Review Blog

Oct 16 2018

His name was Walter by Emily Rodda

cover image

HarperCollins, 2018. ISBN 9781460710203
(Age: 10-14) Highly recommended. Themes: Storytelling. Books and reading. Mystery and suspense stories. Folk tales. Supernatural phenomena.
The idea was to do some research for an authentic History lesson in an historic outback town, but what the four students and their teacher encounter that night is much more powerful than anything they had ever imagined. After they are stranded when their bus breaks down they rush to take refuge in an old house nearby as a wild storm brews around them.
This book is suspenseful, eerie and enjoyable from start to finish. It gives a story within a story as the students decide to fill in the time by reading aloud a hand-made book they find in the house. The story is written and illustrated in a fairytale/folktale way using animals as characters and while some of them dismiss it as just a story a few feel an unearthly power that draws them into believing they need to finish the book and release some supernatural phenomena that seems to be lurking in the house. The theme of true love conquering all is also a strong influence in the story.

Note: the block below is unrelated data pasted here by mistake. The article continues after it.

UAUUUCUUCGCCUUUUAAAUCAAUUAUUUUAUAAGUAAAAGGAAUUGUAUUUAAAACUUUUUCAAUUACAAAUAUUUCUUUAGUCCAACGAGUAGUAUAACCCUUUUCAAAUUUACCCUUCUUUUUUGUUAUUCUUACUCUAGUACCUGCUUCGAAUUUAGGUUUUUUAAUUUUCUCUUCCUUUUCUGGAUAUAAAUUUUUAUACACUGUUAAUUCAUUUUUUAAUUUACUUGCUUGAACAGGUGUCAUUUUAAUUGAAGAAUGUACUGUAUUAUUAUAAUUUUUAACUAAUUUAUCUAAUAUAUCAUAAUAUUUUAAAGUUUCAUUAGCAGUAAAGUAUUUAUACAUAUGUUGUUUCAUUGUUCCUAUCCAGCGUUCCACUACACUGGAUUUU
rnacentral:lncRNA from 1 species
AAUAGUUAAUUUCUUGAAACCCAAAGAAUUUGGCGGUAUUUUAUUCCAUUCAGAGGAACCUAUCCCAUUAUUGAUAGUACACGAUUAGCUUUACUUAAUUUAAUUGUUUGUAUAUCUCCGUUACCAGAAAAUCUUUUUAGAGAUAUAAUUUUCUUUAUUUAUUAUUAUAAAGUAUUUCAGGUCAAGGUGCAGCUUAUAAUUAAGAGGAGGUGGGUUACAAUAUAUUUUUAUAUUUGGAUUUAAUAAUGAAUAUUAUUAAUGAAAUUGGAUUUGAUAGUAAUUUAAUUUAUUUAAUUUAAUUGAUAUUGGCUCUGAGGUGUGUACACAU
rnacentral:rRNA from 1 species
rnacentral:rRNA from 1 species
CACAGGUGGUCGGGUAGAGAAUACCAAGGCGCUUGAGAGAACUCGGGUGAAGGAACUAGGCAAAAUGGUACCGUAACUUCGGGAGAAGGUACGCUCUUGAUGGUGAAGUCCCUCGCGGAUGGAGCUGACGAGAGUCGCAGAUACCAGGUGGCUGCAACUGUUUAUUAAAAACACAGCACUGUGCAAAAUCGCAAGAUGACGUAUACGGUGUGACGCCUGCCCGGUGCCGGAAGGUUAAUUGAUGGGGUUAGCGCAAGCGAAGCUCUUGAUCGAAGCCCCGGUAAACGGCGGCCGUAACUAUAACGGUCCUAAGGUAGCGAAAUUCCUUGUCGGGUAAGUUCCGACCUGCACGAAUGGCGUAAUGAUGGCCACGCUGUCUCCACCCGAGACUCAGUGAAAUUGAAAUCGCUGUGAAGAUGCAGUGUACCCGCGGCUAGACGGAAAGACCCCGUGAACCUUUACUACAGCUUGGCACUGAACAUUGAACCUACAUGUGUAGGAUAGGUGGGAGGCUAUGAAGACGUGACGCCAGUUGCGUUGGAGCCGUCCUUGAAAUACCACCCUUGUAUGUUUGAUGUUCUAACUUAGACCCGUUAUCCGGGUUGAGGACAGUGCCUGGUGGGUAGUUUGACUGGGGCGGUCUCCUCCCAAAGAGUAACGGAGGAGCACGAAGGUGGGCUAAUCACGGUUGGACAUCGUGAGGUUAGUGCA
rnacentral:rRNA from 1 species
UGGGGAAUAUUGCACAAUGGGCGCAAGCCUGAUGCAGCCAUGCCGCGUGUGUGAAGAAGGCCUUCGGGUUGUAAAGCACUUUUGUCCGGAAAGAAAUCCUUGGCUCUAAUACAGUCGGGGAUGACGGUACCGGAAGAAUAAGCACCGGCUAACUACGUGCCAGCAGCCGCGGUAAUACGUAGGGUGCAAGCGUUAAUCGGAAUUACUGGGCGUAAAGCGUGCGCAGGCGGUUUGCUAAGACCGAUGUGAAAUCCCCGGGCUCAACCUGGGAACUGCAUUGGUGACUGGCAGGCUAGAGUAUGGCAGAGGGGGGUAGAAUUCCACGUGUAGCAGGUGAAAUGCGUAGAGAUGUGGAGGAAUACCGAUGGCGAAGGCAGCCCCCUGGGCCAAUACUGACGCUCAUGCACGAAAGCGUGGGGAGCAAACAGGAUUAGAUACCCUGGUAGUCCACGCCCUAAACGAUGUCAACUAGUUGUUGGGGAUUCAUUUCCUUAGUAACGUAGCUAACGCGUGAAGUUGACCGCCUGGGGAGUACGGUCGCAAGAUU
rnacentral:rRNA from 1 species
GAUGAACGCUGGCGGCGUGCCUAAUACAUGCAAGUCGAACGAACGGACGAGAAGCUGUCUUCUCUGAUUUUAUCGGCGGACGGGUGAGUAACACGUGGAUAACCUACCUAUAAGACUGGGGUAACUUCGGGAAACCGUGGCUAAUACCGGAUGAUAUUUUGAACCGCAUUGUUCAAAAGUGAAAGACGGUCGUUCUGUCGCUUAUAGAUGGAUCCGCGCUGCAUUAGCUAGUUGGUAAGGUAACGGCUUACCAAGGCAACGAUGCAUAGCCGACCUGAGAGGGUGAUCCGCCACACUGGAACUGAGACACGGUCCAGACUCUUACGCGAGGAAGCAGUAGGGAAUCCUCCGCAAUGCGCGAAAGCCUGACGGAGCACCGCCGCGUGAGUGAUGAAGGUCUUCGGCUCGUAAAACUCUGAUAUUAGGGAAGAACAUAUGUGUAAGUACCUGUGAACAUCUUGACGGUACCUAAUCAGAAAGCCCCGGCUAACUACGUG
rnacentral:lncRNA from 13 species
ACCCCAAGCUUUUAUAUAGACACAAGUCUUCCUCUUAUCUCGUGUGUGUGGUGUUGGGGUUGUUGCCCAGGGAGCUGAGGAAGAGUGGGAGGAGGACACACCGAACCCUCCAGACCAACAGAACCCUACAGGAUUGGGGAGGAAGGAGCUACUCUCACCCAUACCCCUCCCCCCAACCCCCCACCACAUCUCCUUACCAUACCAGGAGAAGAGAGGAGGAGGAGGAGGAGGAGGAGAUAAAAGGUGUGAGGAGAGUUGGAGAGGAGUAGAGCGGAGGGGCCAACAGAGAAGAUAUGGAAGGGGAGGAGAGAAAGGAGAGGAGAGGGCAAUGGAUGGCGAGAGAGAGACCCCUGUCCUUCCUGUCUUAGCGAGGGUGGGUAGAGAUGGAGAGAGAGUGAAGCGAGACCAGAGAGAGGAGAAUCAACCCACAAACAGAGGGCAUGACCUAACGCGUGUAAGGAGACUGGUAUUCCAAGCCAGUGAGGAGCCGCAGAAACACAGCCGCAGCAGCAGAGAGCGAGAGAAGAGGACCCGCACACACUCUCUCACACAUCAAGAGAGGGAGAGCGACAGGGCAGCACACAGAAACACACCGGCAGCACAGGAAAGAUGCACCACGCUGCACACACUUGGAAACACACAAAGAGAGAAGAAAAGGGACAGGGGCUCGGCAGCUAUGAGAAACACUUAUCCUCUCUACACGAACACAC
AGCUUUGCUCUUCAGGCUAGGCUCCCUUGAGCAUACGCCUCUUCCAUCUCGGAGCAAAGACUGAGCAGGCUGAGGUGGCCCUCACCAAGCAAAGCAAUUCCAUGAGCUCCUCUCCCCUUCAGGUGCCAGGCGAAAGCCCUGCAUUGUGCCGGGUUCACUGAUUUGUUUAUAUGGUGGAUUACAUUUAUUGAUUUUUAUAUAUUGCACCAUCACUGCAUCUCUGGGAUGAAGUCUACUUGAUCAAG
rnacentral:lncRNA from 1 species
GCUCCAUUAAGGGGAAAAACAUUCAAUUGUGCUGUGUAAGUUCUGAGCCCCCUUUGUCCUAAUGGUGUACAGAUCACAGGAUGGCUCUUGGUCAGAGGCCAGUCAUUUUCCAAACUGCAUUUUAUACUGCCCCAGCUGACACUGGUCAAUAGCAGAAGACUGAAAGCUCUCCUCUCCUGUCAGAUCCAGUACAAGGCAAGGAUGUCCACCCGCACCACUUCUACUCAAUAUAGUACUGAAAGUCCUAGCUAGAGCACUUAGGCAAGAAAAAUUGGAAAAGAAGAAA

The students' characters are also used to develop the story - the shy new boy who is grieving the loss of his grandad and their country home, the computer nerd who doesn't believe in anything he can't see, the popular girl who always gets what she wants, the shy sensitive girl who feels the supernatural power of the book first. A large range of readers will find someone to relate to in this book and I think it could be successfully read aloud to a class. Walter, the character in the Folktale is also worth a mention as he develops from a meek boy to an assertive character who accepts his fate but always tries to do the right thing.
A mystery from the town's past is solved, and the book has a fantastic way of showing how history can be uncovered in the most unexpected places and corrected by uncovering the truth. Teacher's notes are available.
Gabrielle Anderson

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